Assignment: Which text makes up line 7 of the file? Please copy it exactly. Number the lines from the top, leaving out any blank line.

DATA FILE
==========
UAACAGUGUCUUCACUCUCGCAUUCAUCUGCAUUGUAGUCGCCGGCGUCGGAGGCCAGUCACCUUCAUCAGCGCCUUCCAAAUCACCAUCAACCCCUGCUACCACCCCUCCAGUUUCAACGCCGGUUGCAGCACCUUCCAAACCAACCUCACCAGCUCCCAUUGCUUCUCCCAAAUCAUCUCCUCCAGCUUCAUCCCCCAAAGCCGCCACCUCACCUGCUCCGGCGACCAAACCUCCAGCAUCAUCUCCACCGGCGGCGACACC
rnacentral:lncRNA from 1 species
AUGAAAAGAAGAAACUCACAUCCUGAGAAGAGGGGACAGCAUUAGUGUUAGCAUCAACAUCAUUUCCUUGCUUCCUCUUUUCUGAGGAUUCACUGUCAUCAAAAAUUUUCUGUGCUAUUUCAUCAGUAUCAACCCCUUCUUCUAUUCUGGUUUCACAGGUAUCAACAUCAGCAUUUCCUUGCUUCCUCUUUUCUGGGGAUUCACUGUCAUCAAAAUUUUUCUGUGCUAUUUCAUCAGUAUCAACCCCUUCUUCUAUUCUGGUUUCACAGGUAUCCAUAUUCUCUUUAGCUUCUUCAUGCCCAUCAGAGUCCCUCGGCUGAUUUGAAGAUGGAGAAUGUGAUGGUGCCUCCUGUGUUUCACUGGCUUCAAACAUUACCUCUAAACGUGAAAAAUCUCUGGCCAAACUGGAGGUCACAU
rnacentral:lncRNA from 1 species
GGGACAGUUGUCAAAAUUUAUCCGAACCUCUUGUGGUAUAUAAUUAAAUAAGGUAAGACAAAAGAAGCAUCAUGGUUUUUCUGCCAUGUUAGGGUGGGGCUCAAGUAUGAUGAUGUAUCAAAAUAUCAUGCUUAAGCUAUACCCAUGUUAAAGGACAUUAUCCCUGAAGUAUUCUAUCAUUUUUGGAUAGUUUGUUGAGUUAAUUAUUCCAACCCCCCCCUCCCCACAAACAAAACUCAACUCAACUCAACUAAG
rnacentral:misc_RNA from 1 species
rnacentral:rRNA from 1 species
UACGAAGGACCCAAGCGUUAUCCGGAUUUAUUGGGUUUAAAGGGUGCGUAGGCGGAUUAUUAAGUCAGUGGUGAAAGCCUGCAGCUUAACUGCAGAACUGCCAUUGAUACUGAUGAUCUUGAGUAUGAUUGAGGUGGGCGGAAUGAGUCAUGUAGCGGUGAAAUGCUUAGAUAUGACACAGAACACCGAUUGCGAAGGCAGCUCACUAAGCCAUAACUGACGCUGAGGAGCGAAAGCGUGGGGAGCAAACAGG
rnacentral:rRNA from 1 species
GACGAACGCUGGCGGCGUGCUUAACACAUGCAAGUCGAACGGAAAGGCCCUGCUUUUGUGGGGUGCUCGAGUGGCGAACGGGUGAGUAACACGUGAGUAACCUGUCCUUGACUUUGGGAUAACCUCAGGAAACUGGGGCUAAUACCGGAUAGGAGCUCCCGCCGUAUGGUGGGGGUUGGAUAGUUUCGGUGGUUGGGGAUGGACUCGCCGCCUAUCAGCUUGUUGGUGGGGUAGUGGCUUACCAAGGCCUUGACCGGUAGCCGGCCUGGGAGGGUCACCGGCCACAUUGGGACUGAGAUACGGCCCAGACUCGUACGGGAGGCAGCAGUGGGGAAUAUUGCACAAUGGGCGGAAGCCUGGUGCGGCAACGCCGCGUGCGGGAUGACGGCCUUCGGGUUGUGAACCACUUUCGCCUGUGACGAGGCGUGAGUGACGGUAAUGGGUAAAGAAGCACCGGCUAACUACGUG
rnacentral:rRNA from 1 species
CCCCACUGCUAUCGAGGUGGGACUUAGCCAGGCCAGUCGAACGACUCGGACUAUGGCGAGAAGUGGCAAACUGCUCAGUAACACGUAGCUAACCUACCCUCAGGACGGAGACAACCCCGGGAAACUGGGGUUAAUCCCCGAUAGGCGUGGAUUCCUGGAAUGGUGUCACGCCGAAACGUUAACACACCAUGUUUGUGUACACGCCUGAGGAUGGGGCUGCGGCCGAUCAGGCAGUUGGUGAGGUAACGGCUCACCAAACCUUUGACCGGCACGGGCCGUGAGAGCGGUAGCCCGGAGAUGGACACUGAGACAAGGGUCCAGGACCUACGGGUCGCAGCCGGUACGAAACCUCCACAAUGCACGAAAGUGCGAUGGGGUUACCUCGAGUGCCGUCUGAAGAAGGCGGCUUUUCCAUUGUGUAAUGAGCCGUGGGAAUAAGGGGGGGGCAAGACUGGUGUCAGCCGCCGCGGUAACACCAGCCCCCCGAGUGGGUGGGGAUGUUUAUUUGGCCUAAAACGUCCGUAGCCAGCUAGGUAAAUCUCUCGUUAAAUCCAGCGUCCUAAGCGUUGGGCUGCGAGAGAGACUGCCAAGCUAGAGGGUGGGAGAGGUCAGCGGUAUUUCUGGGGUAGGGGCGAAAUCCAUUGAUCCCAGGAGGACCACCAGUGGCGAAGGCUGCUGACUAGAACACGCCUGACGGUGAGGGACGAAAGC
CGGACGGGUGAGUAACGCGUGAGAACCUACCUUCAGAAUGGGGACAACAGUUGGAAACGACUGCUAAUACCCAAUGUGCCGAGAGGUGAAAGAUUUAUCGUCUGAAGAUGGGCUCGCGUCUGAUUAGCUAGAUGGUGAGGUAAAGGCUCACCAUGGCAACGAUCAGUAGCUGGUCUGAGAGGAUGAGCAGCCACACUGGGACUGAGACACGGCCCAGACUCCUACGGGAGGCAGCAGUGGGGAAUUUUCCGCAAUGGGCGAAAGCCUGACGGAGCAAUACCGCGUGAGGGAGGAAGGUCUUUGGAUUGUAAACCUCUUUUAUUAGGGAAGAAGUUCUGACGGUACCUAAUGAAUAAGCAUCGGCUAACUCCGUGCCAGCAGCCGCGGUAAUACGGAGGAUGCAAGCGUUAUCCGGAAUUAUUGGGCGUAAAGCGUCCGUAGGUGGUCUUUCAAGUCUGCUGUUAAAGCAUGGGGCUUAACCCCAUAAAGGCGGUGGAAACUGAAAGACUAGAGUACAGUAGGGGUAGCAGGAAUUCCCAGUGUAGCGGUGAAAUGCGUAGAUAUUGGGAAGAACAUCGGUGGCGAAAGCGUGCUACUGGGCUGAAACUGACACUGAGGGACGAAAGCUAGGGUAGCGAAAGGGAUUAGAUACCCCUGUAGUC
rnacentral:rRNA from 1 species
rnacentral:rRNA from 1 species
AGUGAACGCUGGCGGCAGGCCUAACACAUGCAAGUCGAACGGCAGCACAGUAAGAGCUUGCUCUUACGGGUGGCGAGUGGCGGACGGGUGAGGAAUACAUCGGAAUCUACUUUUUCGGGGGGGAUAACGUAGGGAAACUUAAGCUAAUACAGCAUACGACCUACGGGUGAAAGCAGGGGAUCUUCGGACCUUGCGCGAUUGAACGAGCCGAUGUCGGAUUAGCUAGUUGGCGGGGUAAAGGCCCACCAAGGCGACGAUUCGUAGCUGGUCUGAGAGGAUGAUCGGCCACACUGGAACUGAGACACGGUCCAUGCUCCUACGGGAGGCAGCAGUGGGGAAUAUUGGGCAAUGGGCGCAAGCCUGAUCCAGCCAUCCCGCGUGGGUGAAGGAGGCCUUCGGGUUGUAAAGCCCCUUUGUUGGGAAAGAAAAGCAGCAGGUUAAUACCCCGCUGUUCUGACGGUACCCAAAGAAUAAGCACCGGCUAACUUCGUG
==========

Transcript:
rnacentral:rRNA from 1 species